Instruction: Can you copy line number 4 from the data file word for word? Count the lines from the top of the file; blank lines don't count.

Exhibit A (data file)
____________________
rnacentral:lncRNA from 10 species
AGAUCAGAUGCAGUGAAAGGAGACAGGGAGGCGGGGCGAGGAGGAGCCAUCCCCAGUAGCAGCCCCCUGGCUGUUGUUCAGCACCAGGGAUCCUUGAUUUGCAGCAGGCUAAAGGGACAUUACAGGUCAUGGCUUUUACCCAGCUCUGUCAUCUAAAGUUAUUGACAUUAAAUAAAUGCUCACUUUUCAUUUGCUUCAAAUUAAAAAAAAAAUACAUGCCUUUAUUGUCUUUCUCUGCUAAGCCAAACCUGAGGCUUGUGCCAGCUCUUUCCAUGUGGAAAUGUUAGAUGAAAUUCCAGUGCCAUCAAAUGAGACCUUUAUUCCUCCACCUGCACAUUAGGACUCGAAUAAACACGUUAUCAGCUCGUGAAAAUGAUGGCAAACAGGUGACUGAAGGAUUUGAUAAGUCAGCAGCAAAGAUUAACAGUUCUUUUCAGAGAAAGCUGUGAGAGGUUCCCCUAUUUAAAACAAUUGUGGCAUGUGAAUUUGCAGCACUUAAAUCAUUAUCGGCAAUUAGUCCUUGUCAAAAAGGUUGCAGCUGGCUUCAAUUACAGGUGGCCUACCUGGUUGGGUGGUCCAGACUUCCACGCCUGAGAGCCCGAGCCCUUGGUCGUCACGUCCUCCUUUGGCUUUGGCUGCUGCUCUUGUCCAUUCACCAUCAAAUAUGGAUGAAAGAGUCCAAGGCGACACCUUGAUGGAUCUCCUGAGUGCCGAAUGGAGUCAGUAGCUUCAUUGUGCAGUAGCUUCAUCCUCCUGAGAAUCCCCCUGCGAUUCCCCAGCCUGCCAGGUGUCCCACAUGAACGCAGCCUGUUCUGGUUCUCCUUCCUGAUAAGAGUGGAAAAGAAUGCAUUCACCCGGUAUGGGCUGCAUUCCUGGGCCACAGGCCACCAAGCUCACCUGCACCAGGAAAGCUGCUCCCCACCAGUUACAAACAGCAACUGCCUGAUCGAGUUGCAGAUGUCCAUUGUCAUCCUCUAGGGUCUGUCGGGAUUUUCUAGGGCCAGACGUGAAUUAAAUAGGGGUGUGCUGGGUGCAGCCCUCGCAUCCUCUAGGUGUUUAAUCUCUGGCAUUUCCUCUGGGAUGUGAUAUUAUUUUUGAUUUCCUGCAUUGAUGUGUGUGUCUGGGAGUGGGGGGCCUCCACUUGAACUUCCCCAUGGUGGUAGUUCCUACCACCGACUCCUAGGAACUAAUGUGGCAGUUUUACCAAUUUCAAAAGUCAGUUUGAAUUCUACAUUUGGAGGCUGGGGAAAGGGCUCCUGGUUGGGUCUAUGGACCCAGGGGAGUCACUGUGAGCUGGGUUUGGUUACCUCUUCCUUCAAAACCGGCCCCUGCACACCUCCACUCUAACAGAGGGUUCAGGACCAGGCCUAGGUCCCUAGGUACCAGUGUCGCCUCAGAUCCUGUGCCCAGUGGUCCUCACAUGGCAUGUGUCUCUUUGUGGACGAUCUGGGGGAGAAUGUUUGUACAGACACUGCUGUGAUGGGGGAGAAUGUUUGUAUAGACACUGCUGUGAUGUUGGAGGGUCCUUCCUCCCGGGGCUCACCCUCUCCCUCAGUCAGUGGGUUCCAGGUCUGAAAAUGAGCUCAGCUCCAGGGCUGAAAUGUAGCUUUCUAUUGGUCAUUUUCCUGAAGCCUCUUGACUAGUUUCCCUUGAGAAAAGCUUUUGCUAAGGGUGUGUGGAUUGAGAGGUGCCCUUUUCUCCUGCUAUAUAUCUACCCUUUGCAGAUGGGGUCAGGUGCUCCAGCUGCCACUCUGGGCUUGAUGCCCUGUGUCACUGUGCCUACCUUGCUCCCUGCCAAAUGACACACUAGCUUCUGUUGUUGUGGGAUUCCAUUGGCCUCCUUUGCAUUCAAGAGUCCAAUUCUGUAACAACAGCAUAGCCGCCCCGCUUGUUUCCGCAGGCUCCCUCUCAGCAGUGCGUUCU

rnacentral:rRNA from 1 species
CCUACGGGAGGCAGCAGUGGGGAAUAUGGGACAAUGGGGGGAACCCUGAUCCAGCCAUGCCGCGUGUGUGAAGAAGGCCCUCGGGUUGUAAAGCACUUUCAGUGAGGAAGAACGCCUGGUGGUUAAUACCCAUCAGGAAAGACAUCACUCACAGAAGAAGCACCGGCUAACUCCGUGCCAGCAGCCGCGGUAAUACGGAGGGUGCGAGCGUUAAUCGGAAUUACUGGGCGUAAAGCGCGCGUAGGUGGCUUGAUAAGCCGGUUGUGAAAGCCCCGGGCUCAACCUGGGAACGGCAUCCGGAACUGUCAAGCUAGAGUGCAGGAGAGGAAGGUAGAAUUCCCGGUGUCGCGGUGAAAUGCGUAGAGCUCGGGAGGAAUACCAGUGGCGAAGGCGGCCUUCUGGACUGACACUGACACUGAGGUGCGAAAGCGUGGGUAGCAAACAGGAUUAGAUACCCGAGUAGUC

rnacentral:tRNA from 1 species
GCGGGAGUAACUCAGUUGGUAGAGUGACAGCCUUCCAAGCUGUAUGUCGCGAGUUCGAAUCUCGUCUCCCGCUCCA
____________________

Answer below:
CCUACGGGAGGCAGCAGUGGGGAAUAUGGGACAAUGGGGGGAACCCUGAUCCAGCCAUGCCGCGUGUGUGAAGAAGGCCCUCGGGUUGUAAAGCACUUUCAGUGAGGAAGAACGCCUGGUGGUUAAUACCCAUCAGGAAAGACAUCACUCACAGAAGAAGCACCGGCUAACUCCGUGCCAGCAGCCGCGGUAAUACGGAGGGUGCGAGCGUUAAUCGGAAUUACUGGGCGUAAAGCGCGCGUAGGUGGCUUGAUAAGCCGGUUGUGAAAGCCCCGGGCUCAACCUGGGAACGGCAUCCGGAACUGUCAAGCUAGAGUGCAGGAGAGGAAGGUAGAAUUCCCGGUGUCGCGGUGAAAUGCGUAGAGCUCGGGAGGAAUACCAGUGGCGAAGGCGGCCUUCUGGACUGACACUGACACUGAGGUGCGAAAGCGUGGGUAGCAAACAGGAUUAGAUACCCGAGUAGUC